5. Change in NYSE Broker Voting Policy for “Good Governance” Proposals

One interesting development during 2012 involved a change in NYSE broker voting policies that made it more likely that management proposals for governance changes would fail, even if they were seen as governance enhancements by shareholders in general. In January 2012, the NYSE issued an Information Memo relating to the application of NYSE Rule 452 to “certain types of corporate governance proposals … for example, proposals to de-stagger the board of directors, majority voting in the election of directors, eliminating supermajority voting requirements, providing for the use of consents, providing rights to call a special meeting, and certain types of anti-takeover provision overrides.” Under this new interpretation, brokers would no longer be permitted to vote on these proposals without instructions from the beneficial owners. In past years, brokers would generally vote uninstructed shares in favor of these so-called “good governance” proposals, considering that management, proxy advisory firms and shareholders generally were all supportive of the proposal.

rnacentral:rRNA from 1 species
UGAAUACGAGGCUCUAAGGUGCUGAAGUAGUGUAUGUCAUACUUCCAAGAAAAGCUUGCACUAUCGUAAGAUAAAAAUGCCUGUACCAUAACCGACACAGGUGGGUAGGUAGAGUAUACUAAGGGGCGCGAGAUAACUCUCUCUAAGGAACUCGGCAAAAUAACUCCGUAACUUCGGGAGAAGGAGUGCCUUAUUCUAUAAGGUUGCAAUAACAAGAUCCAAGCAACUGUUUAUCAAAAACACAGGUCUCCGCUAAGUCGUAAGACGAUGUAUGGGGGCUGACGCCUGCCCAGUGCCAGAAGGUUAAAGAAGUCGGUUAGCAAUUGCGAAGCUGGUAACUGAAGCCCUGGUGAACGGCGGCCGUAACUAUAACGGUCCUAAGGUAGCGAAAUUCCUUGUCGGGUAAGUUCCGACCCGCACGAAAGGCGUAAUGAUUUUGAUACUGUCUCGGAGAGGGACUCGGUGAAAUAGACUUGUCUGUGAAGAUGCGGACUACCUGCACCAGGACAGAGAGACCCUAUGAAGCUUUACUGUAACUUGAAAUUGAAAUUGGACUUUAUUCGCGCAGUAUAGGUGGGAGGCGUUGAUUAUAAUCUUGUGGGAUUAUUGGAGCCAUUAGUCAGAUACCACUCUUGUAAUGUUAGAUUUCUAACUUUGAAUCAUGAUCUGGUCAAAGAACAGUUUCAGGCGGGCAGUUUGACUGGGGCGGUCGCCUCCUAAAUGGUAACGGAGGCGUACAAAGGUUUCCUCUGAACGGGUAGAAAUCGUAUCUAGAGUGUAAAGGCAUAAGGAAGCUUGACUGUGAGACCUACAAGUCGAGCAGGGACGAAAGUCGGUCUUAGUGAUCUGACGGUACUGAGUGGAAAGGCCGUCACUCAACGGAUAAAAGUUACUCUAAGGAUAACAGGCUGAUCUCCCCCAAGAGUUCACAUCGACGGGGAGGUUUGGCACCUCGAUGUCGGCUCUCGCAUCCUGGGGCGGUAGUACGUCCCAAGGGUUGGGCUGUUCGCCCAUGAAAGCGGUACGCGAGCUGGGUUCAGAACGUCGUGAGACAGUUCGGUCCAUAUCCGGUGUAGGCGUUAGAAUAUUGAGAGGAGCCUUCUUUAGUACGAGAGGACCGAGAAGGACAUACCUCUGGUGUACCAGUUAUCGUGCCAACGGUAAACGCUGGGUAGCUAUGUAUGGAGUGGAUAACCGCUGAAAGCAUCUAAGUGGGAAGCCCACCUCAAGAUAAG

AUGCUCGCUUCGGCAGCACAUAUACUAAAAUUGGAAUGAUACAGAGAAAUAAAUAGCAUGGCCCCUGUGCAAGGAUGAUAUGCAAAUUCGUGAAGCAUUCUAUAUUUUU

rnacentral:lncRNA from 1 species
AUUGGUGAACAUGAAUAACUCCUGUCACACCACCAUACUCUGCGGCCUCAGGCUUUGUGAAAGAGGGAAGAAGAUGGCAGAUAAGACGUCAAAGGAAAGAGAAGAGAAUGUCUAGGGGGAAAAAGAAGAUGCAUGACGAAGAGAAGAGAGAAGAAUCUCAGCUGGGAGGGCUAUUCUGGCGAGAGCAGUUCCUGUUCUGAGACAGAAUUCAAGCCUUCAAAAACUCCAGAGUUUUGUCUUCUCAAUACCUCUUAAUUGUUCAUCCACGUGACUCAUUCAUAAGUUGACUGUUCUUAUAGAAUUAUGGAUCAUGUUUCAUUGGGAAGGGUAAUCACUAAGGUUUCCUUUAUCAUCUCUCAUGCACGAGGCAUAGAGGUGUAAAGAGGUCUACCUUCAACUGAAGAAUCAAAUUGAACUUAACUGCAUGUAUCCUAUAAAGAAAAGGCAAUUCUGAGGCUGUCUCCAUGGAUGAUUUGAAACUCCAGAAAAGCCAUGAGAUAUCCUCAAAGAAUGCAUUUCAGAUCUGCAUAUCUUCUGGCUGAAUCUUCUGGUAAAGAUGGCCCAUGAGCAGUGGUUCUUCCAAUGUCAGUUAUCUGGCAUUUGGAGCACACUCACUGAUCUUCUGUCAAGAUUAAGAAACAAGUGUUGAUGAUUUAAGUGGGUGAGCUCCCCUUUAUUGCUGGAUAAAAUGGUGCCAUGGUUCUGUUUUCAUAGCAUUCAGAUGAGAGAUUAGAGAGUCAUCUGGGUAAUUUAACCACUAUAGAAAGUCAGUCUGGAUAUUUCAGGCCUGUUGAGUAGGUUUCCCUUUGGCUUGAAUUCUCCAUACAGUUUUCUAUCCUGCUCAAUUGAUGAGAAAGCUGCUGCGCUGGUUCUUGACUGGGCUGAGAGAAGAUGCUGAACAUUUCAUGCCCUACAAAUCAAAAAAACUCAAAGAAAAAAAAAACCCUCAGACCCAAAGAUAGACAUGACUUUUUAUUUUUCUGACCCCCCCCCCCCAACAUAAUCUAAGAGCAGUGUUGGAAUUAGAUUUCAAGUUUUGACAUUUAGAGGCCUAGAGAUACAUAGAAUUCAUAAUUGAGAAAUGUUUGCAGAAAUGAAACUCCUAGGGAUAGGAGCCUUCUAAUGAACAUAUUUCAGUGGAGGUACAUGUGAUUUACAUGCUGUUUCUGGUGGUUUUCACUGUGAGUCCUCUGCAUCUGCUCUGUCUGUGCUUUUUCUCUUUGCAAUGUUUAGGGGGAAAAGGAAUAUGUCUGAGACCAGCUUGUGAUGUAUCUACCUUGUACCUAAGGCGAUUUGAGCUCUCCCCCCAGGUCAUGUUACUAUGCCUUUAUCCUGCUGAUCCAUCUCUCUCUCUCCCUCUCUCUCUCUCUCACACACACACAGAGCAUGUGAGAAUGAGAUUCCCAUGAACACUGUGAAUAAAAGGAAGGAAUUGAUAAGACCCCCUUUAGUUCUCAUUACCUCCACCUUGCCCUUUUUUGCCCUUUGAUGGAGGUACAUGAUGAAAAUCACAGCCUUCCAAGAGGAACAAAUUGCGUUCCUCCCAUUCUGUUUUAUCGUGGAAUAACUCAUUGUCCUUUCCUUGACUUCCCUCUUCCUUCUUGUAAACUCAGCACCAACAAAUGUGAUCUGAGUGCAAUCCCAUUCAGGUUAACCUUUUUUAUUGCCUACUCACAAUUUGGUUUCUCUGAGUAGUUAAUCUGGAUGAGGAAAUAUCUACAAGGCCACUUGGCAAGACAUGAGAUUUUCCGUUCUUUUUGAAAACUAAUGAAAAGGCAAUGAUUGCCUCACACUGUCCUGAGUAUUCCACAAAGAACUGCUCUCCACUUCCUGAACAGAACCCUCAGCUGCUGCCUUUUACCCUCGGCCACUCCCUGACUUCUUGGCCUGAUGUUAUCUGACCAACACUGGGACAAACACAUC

Because retail shareholders often do not provide instructions to vote their shares, the NYSE interpretive change removes a significant number of “for” votes from the voting pool. In 2012, this did not have a significant impact on the support for these proposals measured as a percentage of votes cast – virtually all shares that were voted continued to be in favor of these proposals. It did, however, have a significant impact on the support for these proposals measured as a percentage of total shares outstanding, which is the measurement that generally applies as a state law matter in the case of a charter amendment. Many companies have a requirement in their charter that certain amendments must be approved by the affirmative vote of a supermajority (often two-thirds or 80%) of shares outstanding. For these companies, it was significantly more likely in 2012 that a management proposal for a charter amendment that is seen by shareholders as a governance enhancement will nevertheless fail to receive the vote necessary to effect the charter amendment.